Inner Demons: A Review

It was the poster that got my attention: a pentagram of syringes and cocaine.  I thought, “Well, this is something new.”  And when I saw the trailer, I could best describe its quality as that of a deranged shark.

I’d seen films of demonic possession before, classics like The ExorcistStigmata, and Repossessed.  I felt familiar with the conventions of the genre.  2014’s Inner Demons is a whole other animal with a gifted cast led by Lara Vosburgh, Aquarius‘s Morgan McClellan, and Ashley Sutton (GEICO’s Red Riding Hood, not the British race car driver).

Documented by a reality TV crew, Carson Morris (Vosburgh) enters rehab when her drug addiction terrifies her parents and best friend McKee Littlefield (Sutton).  Only filmmaker Jason Hurwitz believes her story that she’s demonically possessed, and deprived of drugs, the demon emerges and wreaks havoc.

Inner Demons is an interesting inversion of expectations.  Instead of the demon taking over and destroying Carson, she’s a willing addict.  The story kicks into high gear once Carson enters rehab, building on the notion that evil is what you bring with you.  While her fellow patients tease her and think it’s all a publicity stunt, we wait with bated breath knowing they’re in greater danger than they realize.

Carson is sullen and desperate.  She’s trying to deal with her problem alone, but her solution is killing her.  Vosburgh switches effortlessly from frightened teenager to a force of chaos.  We feel we’re one scene away from watching her commit cannibalism.  We feel the weight of her struggle, the weeks and months she’s endured at the demon’s mercy.  We can tell from the look on her face and the roughness in her voice that she’s thought of suicide as an escape, and root for her for having the strength to live.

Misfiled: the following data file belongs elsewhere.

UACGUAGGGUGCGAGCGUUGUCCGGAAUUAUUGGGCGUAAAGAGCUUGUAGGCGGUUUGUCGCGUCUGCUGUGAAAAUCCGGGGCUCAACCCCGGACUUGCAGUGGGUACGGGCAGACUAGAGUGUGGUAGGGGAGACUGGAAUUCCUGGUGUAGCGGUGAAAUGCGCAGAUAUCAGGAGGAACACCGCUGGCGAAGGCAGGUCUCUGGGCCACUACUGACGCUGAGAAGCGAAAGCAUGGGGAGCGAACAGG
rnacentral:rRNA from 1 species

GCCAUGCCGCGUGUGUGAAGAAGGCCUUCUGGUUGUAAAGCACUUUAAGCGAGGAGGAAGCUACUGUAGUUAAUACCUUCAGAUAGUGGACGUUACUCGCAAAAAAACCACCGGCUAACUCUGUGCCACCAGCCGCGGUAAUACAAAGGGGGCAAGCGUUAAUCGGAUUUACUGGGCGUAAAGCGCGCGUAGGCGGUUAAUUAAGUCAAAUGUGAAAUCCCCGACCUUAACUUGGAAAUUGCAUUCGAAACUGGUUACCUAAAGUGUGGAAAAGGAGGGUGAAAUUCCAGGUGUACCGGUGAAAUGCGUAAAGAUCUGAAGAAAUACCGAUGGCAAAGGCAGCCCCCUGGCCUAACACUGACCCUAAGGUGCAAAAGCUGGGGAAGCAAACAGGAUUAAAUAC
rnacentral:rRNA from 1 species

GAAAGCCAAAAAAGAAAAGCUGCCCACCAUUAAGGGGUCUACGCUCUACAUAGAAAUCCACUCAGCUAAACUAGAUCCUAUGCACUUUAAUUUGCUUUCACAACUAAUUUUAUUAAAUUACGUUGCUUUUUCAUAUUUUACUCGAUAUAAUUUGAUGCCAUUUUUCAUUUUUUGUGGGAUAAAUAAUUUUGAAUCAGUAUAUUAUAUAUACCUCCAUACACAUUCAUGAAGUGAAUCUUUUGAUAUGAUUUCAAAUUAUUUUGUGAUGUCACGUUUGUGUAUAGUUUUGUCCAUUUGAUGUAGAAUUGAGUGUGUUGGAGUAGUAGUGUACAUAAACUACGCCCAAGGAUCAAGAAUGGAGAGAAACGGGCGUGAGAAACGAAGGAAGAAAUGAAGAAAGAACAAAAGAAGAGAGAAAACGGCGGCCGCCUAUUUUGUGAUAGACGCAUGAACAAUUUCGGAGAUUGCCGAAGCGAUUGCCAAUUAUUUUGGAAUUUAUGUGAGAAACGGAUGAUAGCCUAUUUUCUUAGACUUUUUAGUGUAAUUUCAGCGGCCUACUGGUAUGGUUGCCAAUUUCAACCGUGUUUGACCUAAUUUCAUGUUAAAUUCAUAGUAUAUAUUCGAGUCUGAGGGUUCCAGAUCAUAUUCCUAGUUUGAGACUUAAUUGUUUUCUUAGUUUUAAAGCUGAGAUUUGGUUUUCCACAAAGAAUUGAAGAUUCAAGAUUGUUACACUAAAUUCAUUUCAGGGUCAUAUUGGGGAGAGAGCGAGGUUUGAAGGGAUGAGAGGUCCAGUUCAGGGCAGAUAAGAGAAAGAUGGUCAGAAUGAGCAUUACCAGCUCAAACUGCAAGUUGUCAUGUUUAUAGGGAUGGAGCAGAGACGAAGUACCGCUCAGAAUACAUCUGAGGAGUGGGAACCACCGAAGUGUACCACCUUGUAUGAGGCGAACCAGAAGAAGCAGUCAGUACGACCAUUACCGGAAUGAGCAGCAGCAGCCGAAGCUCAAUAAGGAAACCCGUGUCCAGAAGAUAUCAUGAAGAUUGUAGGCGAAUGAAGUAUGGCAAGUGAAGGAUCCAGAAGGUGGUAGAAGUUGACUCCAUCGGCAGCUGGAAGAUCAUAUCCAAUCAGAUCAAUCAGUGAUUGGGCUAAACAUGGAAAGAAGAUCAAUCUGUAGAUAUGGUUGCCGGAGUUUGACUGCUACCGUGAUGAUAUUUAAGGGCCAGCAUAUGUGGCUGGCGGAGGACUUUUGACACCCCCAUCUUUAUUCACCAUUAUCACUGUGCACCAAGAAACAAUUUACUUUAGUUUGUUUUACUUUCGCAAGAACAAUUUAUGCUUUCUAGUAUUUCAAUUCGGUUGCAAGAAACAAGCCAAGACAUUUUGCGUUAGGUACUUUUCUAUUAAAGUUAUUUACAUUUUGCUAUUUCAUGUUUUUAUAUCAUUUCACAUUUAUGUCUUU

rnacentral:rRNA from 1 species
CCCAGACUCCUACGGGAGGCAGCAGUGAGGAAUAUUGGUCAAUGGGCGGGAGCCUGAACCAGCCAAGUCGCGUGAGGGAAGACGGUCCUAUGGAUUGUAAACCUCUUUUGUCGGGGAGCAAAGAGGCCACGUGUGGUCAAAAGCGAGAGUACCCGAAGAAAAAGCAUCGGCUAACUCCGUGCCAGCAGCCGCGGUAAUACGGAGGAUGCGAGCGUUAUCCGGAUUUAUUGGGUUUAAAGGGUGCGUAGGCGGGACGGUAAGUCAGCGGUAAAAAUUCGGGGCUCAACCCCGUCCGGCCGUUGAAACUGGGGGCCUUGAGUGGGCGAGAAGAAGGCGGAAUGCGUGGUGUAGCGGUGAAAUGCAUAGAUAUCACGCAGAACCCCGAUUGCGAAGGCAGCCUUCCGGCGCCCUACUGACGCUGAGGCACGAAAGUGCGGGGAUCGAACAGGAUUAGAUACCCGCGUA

As Jason, McClellan is the audience surrogate.  He’s freaked out when he realizes Carson really is possessed.  He also helps as best as he can even though he knows he’s in way over his head, going as far as performing an exorcism himself on Carson with instructions from the internet.

Sutton is chameleonic as McKee.  She’s a convincing friend, and the revelation that she picked on Carson is unexpected.  The fact that she can project a glowing aura while admitting the wrongs she’s done is a testament to her ability as an actress.

In a time when monster movies can sacrifice story for big visuals and a level of grotesque that’s over-the-top, Inner Demons is the horror’s haiku.  It minimalist visual palette amplifies the performance of the cast, and the plot is as powerful and refreshingly simple as a sprig of parsley.

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